HC Deb 01 November 1938 vol 340 cc8-9
9. Mr. Malcolm MacMillan

asked the Secretary of State for Scotland whether he will make a statement on the recent failure of the West Coast herring fishing resulting from the action, at inadequate notice, of the Herring Industry Board in banning curing even for local consumption; whether he can state why the board had not anticipated the over-curing on the East Coast and prevented it instead of penalising the West Coast ports; and what steps he proposes to take, by legislation or otherwise, to prevent the further collapse of the herring industry in the near future?

Mr. Colville

The prohibition of curing to which the hon. Member refers may have shortened the herring fishing season on the West Coast by two or three weeks, but the season cannot be regarded as a failure. The catch at Stornoway during the summer of this year amounted to approximately 49,000 crans, valued at £91,000. Last year the catch was 31,000 crans, valued at £57,000, and in 1936, 37,000 crans, valued at £67,000. I am informed that the board's reason for prohibiting curing between 29th August and 30th September last was that they were satisfied that the quantity of herring already cured of the kind produced at Stornoway at that time of the year was more than sufficient to meet the demands of the markets, and that, if any further amount had been cured, it would have been exceedingly difficult to sell. With regard to the last part of the question, I would refer the hon. Member to the Act which has recently been passed for the purpose of amending and extending the powers in the Herring Industry Act, 1935.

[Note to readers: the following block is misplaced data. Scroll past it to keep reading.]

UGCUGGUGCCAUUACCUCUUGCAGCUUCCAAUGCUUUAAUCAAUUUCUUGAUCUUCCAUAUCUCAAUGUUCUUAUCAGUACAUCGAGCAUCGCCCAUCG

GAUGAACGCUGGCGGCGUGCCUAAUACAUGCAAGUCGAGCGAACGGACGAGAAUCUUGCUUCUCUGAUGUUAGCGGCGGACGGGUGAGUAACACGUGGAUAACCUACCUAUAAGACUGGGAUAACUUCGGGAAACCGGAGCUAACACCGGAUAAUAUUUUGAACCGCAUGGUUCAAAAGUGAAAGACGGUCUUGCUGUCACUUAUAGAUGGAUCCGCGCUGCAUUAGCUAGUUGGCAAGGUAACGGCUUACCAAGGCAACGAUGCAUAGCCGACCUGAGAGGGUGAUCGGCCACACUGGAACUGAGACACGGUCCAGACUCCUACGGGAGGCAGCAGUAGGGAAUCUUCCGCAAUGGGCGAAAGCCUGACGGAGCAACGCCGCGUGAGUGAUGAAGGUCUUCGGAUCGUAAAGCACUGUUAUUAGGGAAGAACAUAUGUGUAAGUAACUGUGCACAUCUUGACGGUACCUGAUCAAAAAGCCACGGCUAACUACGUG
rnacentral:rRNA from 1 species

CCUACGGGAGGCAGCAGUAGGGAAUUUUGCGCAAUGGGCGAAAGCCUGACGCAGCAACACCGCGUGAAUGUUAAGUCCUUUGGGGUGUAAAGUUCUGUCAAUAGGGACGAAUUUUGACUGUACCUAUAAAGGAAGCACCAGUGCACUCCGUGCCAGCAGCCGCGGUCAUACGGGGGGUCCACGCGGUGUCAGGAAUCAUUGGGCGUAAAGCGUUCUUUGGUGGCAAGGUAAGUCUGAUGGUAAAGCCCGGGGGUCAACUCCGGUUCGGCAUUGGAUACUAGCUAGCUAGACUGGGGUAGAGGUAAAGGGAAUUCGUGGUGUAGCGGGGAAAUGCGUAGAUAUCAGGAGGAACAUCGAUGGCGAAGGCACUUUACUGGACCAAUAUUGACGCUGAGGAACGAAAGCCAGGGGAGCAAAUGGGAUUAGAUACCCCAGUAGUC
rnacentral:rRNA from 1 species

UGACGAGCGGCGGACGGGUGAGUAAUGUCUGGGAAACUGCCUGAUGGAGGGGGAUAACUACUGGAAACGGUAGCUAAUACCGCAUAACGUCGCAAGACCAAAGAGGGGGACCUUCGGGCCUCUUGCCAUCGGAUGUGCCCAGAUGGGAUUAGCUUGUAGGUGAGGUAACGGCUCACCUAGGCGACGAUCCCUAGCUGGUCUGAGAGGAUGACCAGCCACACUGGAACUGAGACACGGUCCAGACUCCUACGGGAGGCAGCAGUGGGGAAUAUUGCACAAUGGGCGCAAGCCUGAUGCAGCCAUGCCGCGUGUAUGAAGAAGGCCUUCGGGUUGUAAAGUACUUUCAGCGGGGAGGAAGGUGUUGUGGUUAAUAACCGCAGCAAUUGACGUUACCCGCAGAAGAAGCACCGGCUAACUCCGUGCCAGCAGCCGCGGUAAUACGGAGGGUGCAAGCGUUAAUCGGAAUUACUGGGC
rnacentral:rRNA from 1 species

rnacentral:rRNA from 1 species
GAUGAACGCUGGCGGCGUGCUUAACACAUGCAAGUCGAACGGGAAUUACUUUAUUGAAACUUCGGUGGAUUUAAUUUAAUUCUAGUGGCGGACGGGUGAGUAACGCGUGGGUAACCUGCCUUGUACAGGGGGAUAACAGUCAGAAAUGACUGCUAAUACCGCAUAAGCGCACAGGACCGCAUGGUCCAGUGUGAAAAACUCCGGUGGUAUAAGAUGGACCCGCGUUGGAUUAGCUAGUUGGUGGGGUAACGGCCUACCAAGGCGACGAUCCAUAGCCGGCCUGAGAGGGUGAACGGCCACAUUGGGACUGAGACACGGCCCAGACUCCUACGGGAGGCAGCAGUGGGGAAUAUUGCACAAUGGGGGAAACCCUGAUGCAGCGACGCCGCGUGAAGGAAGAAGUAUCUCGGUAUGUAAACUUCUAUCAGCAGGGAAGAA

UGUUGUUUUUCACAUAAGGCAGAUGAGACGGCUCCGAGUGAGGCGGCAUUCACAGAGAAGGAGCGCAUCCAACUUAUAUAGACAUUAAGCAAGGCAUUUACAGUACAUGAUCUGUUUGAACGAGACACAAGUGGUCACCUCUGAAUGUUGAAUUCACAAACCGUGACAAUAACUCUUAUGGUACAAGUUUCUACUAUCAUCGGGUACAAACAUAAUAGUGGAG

Mr. MacMillan

Is the right hon. Gentleman aware that, while the Herring Industry Board permitted what was obviously the over-curing of a very large amount of inferior herring caught on the East Coast, without taking any action to make sure that they were marketable, the board took action penalising the West Coast, where the best herring in the world were being produced?

Mr. Macquisten

Does not this go to show that the Herring Industry Board are doing more harm than good, and should be abolished?

Mr. Colville indicated dissent.